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The purpose of this study was to composite maize, a cereal grain with low protein and lysine content, with groundnut a rich source of protein, to improve the nutritional…
The purpose of this study was to composite maize, a cereal grain with low protein and lysine content, with groundnut a rich source of protein, to improve the nutritional quality of maize–groundnut composite flours and their resultant porridges.
Defatted and full fat groundnut flours were used to prepare maize–groundnut composite flours and porridges at the ratio of 100:0, 55:45, 70:30 and 85:15, respectively. They were analyzed for proximate composition, energy value, amino acid and fatty acid profiles.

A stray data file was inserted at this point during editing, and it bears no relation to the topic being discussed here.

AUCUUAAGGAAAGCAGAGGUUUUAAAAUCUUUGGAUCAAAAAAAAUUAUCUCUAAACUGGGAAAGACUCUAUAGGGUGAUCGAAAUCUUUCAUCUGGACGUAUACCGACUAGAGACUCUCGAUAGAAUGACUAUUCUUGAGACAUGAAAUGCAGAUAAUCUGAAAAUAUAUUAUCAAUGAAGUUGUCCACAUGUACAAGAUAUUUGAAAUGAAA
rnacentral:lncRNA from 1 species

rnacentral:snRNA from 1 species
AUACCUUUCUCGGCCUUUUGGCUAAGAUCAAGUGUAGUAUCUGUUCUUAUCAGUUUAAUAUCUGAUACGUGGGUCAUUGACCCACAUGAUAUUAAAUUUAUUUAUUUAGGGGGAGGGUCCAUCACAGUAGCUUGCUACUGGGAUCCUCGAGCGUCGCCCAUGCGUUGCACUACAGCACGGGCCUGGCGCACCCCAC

Compositing maize with groundnut significantly (p ≤ 0.05) increased proteins from 10 per cent in maize flour to up to 21 per cent in composite porridge (denoted DFC1). The energy values for composite porridges were 434 Kcal/100 g when compared with 398 Kcal/100 g established for maize porridge alone. Lysine content was three times higher in composite flours than for maize flour, while for composite porridges, lysine was four times higher than in maize porridge. There was an increase of 35 per cent in oleic acid content when maize flour was composited with groundnut flour.
Further research is required to evaluate the properties of full fat and defatted maize–groundnut porridges and their effects on consumer acceptability.
It can be concluded that compositing maize with full fat and defatted groundnut has the capability of improving the nutritional quality of cereal-based diets consequently contributing to a significant increase in nutritional security of African populations and those of other developing countries of the world.